Newspapers and other news organizations routinely utilize public records laws to obtain information and documents from governments and related institutions.

Now, a government-funded college – Southwestern Community College in Chula Vista, California – is trying to turn the tables, demanding that the student newspaper hand over records under the same law.

The Foundation for Individual Rights in Education, FIRE, called it “an alarming move should concern anyone who supports a free press, student or otherwise.”

“This is man-bites-dog stuff – usually it’s the student newspaper that FOIAs the college, not the other way around,” said Adam Steinbaugh, who wrote to the school on behalf of FIRE.

The dispute centers on a May article that reported the college “abruptly” canceled a student government election based on “learning about a fake Instagram post that made it appear a slate of black candidates was attempting incite racial violence.”

FIRE explained that Gloria Chavez, Southwestern College’s Title IX director, contacted the temporary faculty adviser to the student newspaper, The Sun, requesting any “[v]ideo footage, including audio, taken during a May 2 student government meeting.”

The adviser replied that The Sun would not produce the requested records, if they existed, because they are protected by California’s shield law.

College officials responded with a demand letter arguing that the newspaper was a government actor and therefore must comply with the California Public Records Act.

The college claimed the student newspaper was engaging in “subversion of the public’s right to access information.”

FIRE then wrote a letter to Kindred Murillo of the office of the school superintendent, citing the local chapter of the Society of Professional Journalists’ determination that the newspaper has not violated any of the society’s ethics codes.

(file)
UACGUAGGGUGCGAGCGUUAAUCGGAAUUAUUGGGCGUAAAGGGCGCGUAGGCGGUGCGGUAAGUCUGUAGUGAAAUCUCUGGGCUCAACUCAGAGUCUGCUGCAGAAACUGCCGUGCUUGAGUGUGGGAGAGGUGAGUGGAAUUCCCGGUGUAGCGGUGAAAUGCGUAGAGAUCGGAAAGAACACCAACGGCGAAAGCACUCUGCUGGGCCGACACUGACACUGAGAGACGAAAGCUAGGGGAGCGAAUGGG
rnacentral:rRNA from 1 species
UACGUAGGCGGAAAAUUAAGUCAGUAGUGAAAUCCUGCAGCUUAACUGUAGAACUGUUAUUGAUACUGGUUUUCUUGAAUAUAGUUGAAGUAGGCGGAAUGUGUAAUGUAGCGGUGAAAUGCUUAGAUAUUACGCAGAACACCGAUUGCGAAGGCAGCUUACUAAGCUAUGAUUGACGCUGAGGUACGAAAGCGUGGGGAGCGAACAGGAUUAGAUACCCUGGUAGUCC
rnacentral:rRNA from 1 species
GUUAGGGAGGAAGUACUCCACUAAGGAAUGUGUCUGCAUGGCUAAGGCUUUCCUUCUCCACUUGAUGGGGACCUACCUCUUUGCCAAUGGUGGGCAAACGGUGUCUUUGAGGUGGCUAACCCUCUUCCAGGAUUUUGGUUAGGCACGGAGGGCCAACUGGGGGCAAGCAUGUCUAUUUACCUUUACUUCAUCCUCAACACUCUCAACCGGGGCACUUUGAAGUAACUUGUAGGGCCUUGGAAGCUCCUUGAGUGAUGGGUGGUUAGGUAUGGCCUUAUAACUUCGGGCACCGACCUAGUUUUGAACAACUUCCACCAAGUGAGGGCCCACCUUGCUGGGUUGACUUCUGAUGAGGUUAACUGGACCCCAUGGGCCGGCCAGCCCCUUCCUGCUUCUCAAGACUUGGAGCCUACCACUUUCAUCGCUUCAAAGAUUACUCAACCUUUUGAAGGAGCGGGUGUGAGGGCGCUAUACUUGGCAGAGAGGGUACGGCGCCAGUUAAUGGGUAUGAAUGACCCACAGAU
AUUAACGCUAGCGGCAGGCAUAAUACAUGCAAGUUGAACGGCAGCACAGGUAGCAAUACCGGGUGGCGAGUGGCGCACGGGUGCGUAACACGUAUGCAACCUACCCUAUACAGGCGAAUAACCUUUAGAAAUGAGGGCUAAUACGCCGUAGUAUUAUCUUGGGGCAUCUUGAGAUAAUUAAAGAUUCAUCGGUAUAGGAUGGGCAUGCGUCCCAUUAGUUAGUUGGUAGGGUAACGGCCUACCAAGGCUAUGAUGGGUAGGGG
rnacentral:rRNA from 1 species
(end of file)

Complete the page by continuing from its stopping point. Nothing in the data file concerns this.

“Protecting unpublished material, which can be done for a variety of important reasons, is a basic tenet of journalism that we urge the school to honor in preparing its students for careers in the field,” the SPJ chapter wrote on its website.

FIRE’s Steinbaugh said Southwestern’s use of a public records request “is as puzzling as it is novel.”

“The district’s use of a directive under the California Public Records Act is an astonishing affront to the rights of student journalists, betraying the institution’s obligations under the First Amendment and California law,” he said.

FIRE argued in its letter that state law “does not confer a public right to access records of private entities,” but instead allows public access to public agencies, and the newspaper, unlike the college, is not a public entity.

“Just as not every student is a state actor by virtue of being granted admission to a public college, not every entity within a college’s community is a state agency.”

Further, California protects journalists in its state constitution, the letter said.

And FIRE argued that the college should already be aware of what went on at the meeting, since its president was there.

“Southwestern cannot meet the heavy burden required to overcome a student journalist’s First Amendment Rights,” FIRE continued.

“It has long been settled law that the First Amendment is binding on public colleges like Southwestern … [but] the First Amendment not only protects the spoken and written word, but encompasses the ‘act of making an audio or audiovisual recording’ as a necessary ‘corollary of the right to disseminate the resulting recording.'”

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